Long before I was a member of the JLC, I associated the Junior League of my hometown, St. Louis, with one thing: the best cinnamon rolls I’d ever had. I was too young to give much thought to what the Junior League was or why they made those delicious rolls, I was just content to scurry into the kitchen and grab one (okay, maybe two or three) as soon as I heard the oven timer go off and a waft of cinnamon hit my nose. Now being older, perhaps a little wiser, and a member of the Junior League myself, I got curious as to why the JL of St. Louis made cinnamon rolls. What purpose did they serve?
What I found out is that the Junior League of St. Louis began their Cinnamon Rolls fundraiser program in the 1940s but ceased operations in 2004 due to League downsizing. In 2007, a small group of Sustainers decided to revive the Cinnamon Rolls fundraiser and make it a central focus of League activities. Since the program was relaunched, sales have doubled and the League works with a local church and bakery during peak holiday season to keep up with demand.
Not only is the Cinnamon Roll fundraiser program a consistent source of revenue for the League, but it also won the AJLI’s 2011 Award for Fund Development for the successful revival of the fundraiser program. The program helped the League to develop strong, sustainable links with other community organizations and enabled it to more effectively communicate its mission externally. Plus, the program has built stronger relationships between League members of all generations.
Junior League of St. Louis Cinnamon Rolls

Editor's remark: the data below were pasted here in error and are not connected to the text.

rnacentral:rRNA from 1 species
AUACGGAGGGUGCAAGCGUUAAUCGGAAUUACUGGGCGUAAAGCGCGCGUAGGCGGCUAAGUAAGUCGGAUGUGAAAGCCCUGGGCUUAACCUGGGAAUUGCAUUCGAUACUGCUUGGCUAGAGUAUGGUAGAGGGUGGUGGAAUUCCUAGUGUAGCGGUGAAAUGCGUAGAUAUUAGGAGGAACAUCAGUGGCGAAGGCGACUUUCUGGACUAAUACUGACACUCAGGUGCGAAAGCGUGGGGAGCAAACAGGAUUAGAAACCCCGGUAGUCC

- 1/4 cup, plus 1 tablespoon butter
- 1 cup milk
- 1 cup sugar
- 1 teaspoon salt
- 1 tablespoon active dry yeast (about 1-1/2 packages)
- 1 egg
- 3-1/2 to 4 cups flour
- 2/3 to 1/2 cup (about 1 stick) melted butter
- 3/4 to 1 cup sugar (or to taste)
- 3 to 4 teaspoons cinnamon
In a small saucepan, melt the 1/4 cup, plus 1 tablespoon butter in milk; add sugar and salt.
When mixture is warm, take a glass measuring cup and remove about 1/4 cup.
Dissolve yeast into the liquid in the measuring cup; set aside to foam.
Pour the warmed milk mixture from the pan into a large mixing bowl. Mix in the egg and flour. Use an electric mixer with a pastry hook or paddle, or mix by hand with a wooden spoon.
Add the yeast mixture to the dough. Dough will be sticky. (You may need to add up to 1/2 cup more flour for ease in handling.)
Cover the bowl with a damp cloth. Let dough rise in a warm place until double in bulk (about 1 hour).
Meanwhile, prepare a 9-by-13-inch pan by brushing or spreading a small portion of the melted butter.
Punch dough down. Roll out dough onto a lightly floured surface, 1/4-inch thick.
Spread on about half of the remaining melted butter and half of the cinnamon mixture.
Cut strips of dough 3 inches wide and 3 inches long. Roll into cigar shaped rolls, 1 inch wide and 3 inches long.
Dip rolls into melted butter and then roll them in cinnamon mixture.
Arrange rolls, seam-side-down, into pan. Rolls should touch each other without being crowded.
Bake at 350 degrees F. for 25 to 30 minutes. Makes about 30 rolls.
Note: To make lighter rolls, let them rise a second time before baking.